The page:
It’s often said Victoria’s personality caused the dichotomy of the era—an extremely proper surface holding people to rigid decorum, while beneath lay a seething underbelly of vice, prostitution, and the callous exploitation of women and children, which most seemed wont to ignore.

An exception was the Contagious Diseases Acts, which were enacted during Victoria’s reign. Originally an attempt to regulate prostitution and annihilate venereal disease in port towns, the Acts gave authorities license to force prostitutes into detention, where they were examined for symptoms of disease. As such things often do, the law escalated to include the entire country, including London, and became so warped that before it was repealed, any female anywhere, prostitute, housewife, or child, could be whisked into custody and forced to endure a humiliating examination. (Josephine Butler, a feminist of the times, referred to these exams as “surgical rape,” eerily reminiscent of forced, modern day, trans-vaginal ultrasounds.) Stories have come down to us of frightened women fighting the officers to no avail. The police were given sweeping powers; if their suspects refused to comply they faced imprisonment. Sometimes these women were restrained in straitjackets. Sometimes they were virgins. There are accounts of this aggression resulting in suicide.

While Queen Victoria and her daughters never had to fear being mistaken for prostitutes, few other ladies could make such a claim when the Acts were in full force. In many ways Victoria herself contributed to the problems women faced. She was adamantly against women being allowed to vote, and famously said, “Let women be what God intended, a helpmate for man, but with totally different duties and vocations.”

The Royal Commission supported this attitude with their public announcement that while men who consorted with prostitutes were merely indulging in natural impulses, the prostitutes were preying on their clients for financial gain. Such widespread beliefs supported the idea of woman as “unclean,” and encouraged the pervasive conviction that females alone caused venereal disease. Consequently, only women were arrested, tested, and if infected, forcibly confined, a remedy that would have done little to slow proliferation since men were never detained or examined.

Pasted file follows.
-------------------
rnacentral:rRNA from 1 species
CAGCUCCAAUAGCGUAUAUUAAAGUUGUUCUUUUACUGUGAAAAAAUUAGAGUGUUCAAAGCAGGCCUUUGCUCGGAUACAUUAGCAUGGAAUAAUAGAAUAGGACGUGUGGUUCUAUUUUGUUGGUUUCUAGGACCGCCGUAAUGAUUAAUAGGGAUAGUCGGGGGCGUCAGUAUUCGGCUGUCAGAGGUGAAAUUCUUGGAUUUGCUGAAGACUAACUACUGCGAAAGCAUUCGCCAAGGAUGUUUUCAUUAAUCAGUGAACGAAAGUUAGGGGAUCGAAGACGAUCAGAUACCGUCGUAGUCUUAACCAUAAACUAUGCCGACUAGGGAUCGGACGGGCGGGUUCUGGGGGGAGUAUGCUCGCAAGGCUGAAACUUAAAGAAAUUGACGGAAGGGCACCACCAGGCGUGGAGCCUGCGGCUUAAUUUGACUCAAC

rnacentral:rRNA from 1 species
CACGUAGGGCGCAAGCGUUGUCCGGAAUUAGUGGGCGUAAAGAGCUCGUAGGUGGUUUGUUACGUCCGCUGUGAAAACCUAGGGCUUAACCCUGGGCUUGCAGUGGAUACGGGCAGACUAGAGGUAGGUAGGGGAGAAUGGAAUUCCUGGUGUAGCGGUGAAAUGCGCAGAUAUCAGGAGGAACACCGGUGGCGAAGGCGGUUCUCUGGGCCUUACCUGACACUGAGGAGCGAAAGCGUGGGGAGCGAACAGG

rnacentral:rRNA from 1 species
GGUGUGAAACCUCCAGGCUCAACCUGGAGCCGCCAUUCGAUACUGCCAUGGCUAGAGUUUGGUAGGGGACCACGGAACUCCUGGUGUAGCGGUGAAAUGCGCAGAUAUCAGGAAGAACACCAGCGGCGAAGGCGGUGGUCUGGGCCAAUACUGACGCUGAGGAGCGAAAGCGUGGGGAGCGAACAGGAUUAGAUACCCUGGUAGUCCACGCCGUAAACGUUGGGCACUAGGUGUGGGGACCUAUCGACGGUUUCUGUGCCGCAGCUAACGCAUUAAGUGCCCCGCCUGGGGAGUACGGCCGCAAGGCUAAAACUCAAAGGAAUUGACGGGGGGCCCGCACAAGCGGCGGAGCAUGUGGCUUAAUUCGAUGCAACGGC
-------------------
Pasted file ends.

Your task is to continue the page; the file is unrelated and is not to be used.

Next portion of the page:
This was Queen Victoria’s world. Small wonder that she would choose to keep her romance with her Scots servant in the background, unlike many English kings, who felt themselves above the judgment of their inferiors.

Oddly, though a woman ruled as the figurative head of the country, common women could hardly get a break. Unwed mothers in the Victorian era suffered much, up to and including death, but judgment against the fathers is remarkably absent. Today we’re seeing alarming echoes of past times in a vocal resurgence of hostility toward women for any number of things, notably their own rapes. The “unclean” notion seems to be trying to make a comeback. Across the globe, in every country, girls and women are finding that equality remains an elusive goal, and it might even be theorized that progress is slowing. Listening to what some current politicians advocate suggests we haven’t come so very far from the Victorian era. There have even been disturbing suggestions that the women’s vote should be taken away. All this makes one ponder anew the Age of Queen Victoria. Could society’s pendulum be trying to swing back toward it?

John Brown and Queen Victoria

At the end of her life, Victoria asked to be buried not only with mementos of her husband, but also with a lock of John Brown’s hair, his photograph, a ring, and several of his letters. She obviously cared for this man, though we will probably never know the true extent. She lived in fascinating times, where industrial advances were exploding while human rights issues remained intractable.

Josephine Butler and the Contagious Diseases Acts make an appearance in my upcoming Victorian era novel, The Sixth Labyrinth. Before meeting Josephine, my protagonist is ignorant of the law, and of the cold facts surrounding London’s underbelly. Knowledge, coupled with Mrs. Butler’s innate strength and personality, change her profoundly.


The Year-god's Daughter book cover image

A big thanks to Rebecca Lochlann. She’ll give away a signed paperback copy of The Year-god’s Daughter to someone who contributes a comment on my blog this week. I’ll choose the winner from among those who comment by Sunday at 6 p.m. ET. Delivery is available within the U.S. only.


Did you like what you read? Learn about downloads, discounts, and special offers from Relevant History authors and Suzanne Adair. Subscribe to Suzanne’s free newsletter.

Enter your email address: